One of the biggest errors in asking is to assume that the process is linear, i.e you start at one point and, through a succession of steps, you get to the final conclusion. The steps are all in order, like stakes in the ground – where you complete one step, then move to another, then another and then you’re done.
We don’t think this is how real life and relationships work. Nor is it effective.
You know as well as we do that real-life interaction with others is circular. You start the interaction in one place and then receive a reaction. If you are operating with a belief that honoring the other person is important (as Jeff and I do), then you take that reaction and adjust – rather than just plowing through with your agenda. This is delicate, I know.
And this is why we call this part of Permission-Based Asking™ the Alignment Circle. Because it’s that part of the “system” where you seek to align to the donor and her passions and interests. (See my description of the initial parts of this asking model here.)
Please note several things about the alignment circle below:

The Alignment Circle

Copyright 2018, Veritus Group LLC

First, you always need to keep the donor in the center of the alignment. That is why we put a symbolic figure at the center – this is to help you remember that the donor must be at the center, and she must be the decision-maker.
Then there are three integrated steps in the circle as follows:

1. Align – The sole objective of this phase is agreement, understanding and alignment about whatever topic comes up, either as you enter the alignment circle or as you go all the way around and a new topic or issue surfaces. (We’ll look at other scenarios in a future blog of this series). This is where you seek to understand; and as you understand, you agree and align. So as you enter the alignment circle, your first level of alignment might be as simple as confirming the reason for your call or visit and the time that is available. It sounds like this: “As we discussed over the phone, I’m here to talk with you about an opportunity for you to have a great impact on xxx; is that your understanding? And does meeting until XX time still work for you today?”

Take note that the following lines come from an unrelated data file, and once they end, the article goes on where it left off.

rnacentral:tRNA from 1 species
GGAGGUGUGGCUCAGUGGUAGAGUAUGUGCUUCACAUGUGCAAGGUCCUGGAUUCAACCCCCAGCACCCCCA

There is another important value that that you should pay attention to in this alignment step. It is to consistently and constantly empower the donor, encouraging them to be themselves in the interaction with you and not responding in an obligatory manner to your presence or your words.
Just this week I was with a CEO of a major non-profit in the Midwest. She was telling me that she gets so many calls from charities seeking her support. I asked if she gave to them. “Yes,” she replied, “I feel obligated.” So, here is a situation where the donor does not feel empowered – empowered to say what she really thinks, empowered to say no, empowered to ask the question that she wants to ask, etc.
This empowering item is so important. You are confirming and empowering the donor to express her passions and interests through the work of your organization. You are ensuring that she understands that her partnership with you is something that means a lot to you.
Here is what this could sound like: “Your partnership is so important to us and the (people, animals, environment) we serve. I appreciate you and want you to know that your passion to make a difference means so much to me. And I want to be sure you know that all of us at (organization name) are here to serve you and answer any questions or concerns you might have. So today, I’ll be asking some questions to be sure I am aligned with you on what you want to accomplish through (name of your organization). I will also keep our meeting moving along so that we can cover everything we need to talk about in the time you’ve given me. Is that OK with you?”